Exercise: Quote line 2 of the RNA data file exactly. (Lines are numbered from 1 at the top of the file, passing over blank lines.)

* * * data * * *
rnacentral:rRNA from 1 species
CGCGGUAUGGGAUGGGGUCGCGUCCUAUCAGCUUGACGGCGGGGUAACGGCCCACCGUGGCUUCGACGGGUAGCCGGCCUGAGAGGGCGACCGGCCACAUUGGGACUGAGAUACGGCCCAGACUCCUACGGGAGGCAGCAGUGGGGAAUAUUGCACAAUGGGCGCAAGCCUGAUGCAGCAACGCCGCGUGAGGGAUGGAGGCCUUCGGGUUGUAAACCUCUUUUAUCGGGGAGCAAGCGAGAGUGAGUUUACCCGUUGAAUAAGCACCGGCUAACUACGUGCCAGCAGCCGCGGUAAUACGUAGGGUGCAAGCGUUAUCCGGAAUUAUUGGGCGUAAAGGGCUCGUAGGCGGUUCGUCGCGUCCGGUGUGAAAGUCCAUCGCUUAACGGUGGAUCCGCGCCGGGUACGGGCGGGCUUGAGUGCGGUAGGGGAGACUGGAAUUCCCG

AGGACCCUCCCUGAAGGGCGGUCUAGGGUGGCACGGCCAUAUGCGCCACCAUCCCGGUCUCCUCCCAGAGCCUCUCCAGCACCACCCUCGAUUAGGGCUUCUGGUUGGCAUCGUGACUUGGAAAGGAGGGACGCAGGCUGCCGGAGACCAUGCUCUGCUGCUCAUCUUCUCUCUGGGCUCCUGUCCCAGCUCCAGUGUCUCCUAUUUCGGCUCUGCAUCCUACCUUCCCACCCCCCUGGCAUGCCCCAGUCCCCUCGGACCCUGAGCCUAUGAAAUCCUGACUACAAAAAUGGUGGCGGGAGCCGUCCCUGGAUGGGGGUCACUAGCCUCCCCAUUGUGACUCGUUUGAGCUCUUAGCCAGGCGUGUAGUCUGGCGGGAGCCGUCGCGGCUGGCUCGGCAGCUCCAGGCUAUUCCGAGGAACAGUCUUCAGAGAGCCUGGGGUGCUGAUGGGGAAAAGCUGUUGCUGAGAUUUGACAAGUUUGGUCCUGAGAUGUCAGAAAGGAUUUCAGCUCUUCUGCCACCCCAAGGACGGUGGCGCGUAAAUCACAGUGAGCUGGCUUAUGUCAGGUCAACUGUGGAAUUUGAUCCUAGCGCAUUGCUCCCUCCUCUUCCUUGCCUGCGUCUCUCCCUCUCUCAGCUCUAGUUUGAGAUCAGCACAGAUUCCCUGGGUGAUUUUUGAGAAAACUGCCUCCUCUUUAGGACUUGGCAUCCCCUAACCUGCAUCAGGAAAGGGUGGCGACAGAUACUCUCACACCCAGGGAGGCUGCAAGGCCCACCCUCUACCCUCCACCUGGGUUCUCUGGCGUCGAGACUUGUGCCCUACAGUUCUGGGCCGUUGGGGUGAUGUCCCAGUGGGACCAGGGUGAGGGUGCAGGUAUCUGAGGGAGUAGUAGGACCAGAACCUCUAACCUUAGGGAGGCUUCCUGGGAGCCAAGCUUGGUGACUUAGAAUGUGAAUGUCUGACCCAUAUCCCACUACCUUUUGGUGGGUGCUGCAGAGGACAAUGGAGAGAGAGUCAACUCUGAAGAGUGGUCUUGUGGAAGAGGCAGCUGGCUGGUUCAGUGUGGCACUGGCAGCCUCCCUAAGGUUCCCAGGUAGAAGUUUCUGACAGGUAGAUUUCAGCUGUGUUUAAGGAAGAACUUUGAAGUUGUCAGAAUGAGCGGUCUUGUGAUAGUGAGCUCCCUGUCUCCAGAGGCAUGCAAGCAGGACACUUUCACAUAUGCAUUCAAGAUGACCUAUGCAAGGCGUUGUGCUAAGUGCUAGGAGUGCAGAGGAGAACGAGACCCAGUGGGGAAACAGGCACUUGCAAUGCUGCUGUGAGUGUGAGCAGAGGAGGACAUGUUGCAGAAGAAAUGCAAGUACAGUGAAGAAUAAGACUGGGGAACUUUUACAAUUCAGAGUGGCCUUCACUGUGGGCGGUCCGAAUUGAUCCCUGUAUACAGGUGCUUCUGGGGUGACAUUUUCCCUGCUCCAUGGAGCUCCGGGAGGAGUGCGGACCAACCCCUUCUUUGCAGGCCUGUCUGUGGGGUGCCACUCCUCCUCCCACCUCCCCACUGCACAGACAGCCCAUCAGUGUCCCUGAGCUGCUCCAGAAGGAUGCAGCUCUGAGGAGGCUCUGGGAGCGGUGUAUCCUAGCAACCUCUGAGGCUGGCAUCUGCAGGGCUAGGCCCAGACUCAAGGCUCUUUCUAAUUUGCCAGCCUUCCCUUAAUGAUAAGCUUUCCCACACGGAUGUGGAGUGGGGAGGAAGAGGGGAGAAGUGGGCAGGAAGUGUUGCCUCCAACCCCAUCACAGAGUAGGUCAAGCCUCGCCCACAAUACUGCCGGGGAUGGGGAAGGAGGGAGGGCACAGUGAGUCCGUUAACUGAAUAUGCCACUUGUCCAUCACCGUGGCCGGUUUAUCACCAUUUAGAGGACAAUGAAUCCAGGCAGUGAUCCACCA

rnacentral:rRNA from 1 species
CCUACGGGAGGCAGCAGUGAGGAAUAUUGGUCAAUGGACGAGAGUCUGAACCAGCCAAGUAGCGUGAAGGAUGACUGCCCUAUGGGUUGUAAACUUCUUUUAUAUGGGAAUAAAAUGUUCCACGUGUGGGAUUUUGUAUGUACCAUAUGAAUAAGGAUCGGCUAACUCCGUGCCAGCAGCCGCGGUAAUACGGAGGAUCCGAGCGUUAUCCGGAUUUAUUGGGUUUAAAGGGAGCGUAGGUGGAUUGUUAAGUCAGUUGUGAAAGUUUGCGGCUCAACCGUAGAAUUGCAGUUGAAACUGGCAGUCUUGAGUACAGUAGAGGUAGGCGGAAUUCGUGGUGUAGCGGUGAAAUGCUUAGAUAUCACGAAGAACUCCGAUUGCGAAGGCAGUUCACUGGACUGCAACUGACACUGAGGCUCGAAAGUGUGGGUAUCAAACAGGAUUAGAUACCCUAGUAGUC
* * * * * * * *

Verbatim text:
CGCGGUAUGGGAUGGGGUCGCGUCCUAUCAGCUUGACGGCGGGGUAACGGCCCACCGUGGCUUCGACGGGUAGCCGGCCUGAGAGGGCGACCGGCCACAUUGGGACUGAGAUACGGCCCAGACUCCUACGGGAGGCAGCAGUGGGGAAUAUUGCACAAUGGGCGCAAGCCUGAUGCAGCAACGCCGCGUGAGGGAUGGAGGCCUUCGGGUUGUAAACCUCUUUUAUCGGGGAGCAAGCGAGAGUGAGUUUACCCGUUGAAUAAGCACCGGCUAACUACGUGCCAGCAGCCGCGGUAAUACGUAGGGUGCAAGCGUUAUCCGGAAUUAUUGGGCGUAAAGGGCUCGUAGGCGGUUCGUCGCGUCCGGUGUGAAAGUCCAUCGCUUAACGGUGGAUCCGCGCCGGGUACGGGCGGGCUUGAGUGCGGUAGGGGAGACUGGAAUUCCCG